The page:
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Litquake: the Police Blotter, Barroom Brawl Edition
Bob Calhoun
  After criminal suspects were apprehended and crazed party girls were ejected, I read the blood match segment from Beer, Blood and Cornmeal at this year's Litquake.


I thought they were prostitutes. Now I’m not the kind of guy who thinks that every gal in revealing clothing is out there turning tricks. No, these gals were dirty and drugged out looking. The way they were randomly yet suggestively sashaying in their tight denim shorts on Polk and Hemlock as night was falling made me think that the Tenderloin Districtof San Francisco was returning to its old illicit glories. Even as late as the late 1990s, the neighborhood used to be full of male/transsexual and actual-female prostitutes locked in a consumerist competition for the patronage of carloads of leering creeps. That was before the Tenderloin became the Trendyloinand all of those wine bars started springing up on Larkin. But there were those women on Geary and Larkin looking all crazy. One good stock market crash and the prostitutes were back.

I was there for a reading at the Hemlock Tavern. It was part of Litquake,San Francisco’s annual literary festival. It was crowded in the Hemlock’s back room. I was surprised. I’m always surprised when people show up to readings, even now. Yes, that’s a stupid thing to say as an author. You mean that somebody’s going to speak and Chris Jericho isn’t going to come out and hit them with a steel chair in mid-sentence? Amazing.

People kept on crowding into that back room. Right before the reading was about to begin, about three or four uniformed police officers walked in. That was a shocker. Somebody they were chasing had tried to duck out into the Hemlock’s backroom. The cops asked me to move out of the way in case he caused any trouble. He didn’t but that was already more excitement than you usually get out of your usual literary event.

Just as things were starting to calm down, those suspected prostitutes strolled in and took some seats. “Rad,” I thought to myself, “the hookers are here for the reading.” Michelle Richmond, author of the NY Times bestseller Year of the Fog, went on first. She was doing a really funny riff on Sarah Palin. All America’s doing a funny riff on Sarah Palin but Richmond’s was better than most. Unfortunately, the hookers wouldn’t stop acting up. They were laughing amongst themselves and going into convulsions. It was then that I realized that these weren’t in fact whores, but they were nothing more than the flotsam and jetsam leftover from the previous Saturday’s Love Parade. Just some wayward raver chicks (or whatever they’re called now – I’m getting old) who couldn’t bring themselves to go home even by Thursday.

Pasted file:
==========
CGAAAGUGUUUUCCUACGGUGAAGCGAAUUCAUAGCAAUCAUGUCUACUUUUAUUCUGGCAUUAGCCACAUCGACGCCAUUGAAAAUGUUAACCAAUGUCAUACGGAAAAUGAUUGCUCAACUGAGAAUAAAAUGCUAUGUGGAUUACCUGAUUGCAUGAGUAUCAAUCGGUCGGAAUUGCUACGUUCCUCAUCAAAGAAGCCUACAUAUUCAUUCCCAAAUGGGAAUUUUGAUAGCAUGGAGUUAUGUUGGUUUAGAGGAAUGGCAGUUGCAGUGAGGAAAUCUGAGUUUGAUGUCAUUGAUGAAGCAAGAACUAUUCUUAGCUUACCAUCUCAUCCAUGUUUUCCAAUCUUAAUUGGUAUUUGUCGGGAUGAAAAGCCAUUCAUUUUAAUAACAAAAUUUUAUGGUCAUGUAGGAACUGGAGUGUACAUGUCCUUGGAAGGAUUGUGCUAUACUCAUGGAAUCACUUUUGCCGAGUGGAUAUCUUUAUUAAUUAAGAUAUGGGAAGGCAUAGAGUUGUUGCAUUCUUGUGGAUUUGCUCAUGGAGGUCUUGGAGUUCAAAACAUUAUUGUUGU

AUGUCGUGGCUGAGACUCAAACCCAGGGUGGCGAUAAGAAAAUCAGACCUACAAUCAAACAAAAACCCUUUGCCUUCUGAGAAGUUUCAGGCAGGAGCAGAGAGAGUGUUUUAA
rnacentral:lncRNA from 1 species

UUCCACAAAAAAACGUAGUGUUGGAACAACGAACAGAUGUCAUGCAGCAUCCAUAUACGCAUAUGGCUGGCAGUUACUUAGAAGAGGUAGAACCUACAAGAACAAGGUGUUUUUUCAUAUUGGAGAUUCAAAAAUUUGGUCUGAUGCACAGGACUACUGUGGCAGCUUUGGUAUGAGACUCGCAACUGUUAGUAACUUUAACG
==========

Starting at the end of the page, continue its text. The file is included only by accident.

Alan Black (author of Kick the Balls, emcee of the evening and the man behind just about the SF lit scene as we currently know it) finally took command of the situation and attempted to toss the girls out. “That’s a dangerous situation,” I thought, “women, they bite.” But Alan easily shepherded the gals out of the room. All of his years as a bartender at the Edinburgh Castle came in handy. He returned to cheers; Alan the Conqueror. “That was a rush,” he announced, “It really made me want to be a bouncer again.”

Alan Black
Alan Black, fresh from tossing out rowdy dames, rallies the crowd at Litquake on October 9, 2008.

Richmond concluded her piece with a composure lacking in her subject matter. I went and tore into a reading of the section of Beer, Blood and Cornmeal about when The Cruiser and the Oi Boy decided to start hacking each other to bits with razor blades in New Jersey. Some of the lit crowd seemed to be on edge by this but Ron Turner of Last Gasp said “Spirited reading! Spirited reading!” Sylvie Simmons, the goddess of heavy metal journalism followed me and read a piece where the main character didn’t like the fingers of bass players. This made me look at my hands a lot.

Jack Boulware, Alan Black, Beth Lisick, David Henry Sterry, and Mickey Disend followed that. Sadly, there are no more disturbances to report.

2 Comment count
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That you know of.

Max, Heather, and I all had a good time that night, too. But just because you have nothing further to report doesn't mean nothing happened. ;-)

You're right, though—Polk Street, which never completely shed its seediness even during the boom, seems to be sinking again. I kinda liked it better in the mid-'90s too.

Huntington Sharp, Red Room

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A lot happened, just no more

A lot happened, just no more disturbances -- at least no more random ones.